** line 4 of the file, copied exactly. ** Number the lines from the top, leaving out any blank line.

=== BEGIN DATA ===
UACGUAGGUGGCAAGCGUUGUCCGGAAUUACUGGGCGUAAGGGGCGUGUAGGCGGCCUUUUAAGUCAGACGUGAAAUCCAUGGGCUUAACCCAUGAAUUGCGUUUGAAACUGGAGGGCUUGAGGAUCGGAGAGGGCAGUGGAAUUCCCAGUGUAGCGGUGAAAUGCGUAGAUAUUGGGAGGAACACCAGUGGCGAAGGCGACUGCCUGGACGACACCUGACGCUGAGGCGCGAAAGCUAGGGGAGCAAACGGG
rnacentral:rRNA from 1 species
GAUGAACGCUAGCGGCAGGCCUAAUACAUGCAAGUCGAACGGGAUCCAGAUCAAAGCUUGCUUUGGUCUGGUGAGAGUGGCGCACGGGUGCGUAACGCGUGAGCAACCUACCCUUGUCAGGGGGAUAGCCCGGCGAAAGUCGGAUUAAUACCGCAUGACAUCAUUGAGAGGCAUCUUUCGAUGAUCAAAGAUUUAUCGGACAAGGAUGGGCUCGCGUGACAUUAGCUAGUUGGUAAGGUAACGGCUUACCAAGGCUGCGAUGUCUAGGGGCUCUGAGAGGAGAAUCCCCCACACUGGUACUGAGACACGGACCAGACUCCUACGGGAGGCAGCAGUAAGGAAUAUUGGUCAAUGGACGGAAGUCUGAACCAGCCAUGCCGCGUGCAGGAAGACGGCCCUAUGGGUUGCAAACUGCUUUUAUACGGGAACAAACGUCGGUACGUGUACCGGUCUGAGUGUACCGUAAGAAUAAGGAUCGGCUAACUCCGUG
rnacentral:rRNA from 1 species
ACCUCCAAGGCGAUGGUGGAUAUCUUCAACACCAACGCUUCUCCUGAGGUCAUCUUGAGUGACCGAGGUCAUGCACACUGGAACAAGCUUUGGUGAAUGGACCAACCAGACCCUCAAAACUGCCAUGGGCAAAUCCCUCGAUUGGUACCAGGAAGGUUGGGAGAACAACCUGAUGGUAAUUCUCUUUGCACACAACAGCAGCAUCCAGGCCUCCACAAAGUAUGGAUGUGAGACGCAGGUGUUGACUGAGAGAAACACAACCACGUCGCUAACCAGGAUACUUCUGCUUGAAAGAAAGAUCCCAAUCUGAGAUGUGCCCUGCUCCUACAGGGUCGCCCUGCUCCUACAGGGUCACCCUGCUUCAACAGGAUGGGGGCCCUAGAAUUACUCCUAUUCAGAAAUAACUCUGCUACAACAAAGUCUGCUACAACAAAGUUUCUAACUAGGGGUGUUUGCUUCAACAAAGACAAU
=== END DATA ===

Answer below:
rnacentral:rRNA from 1 species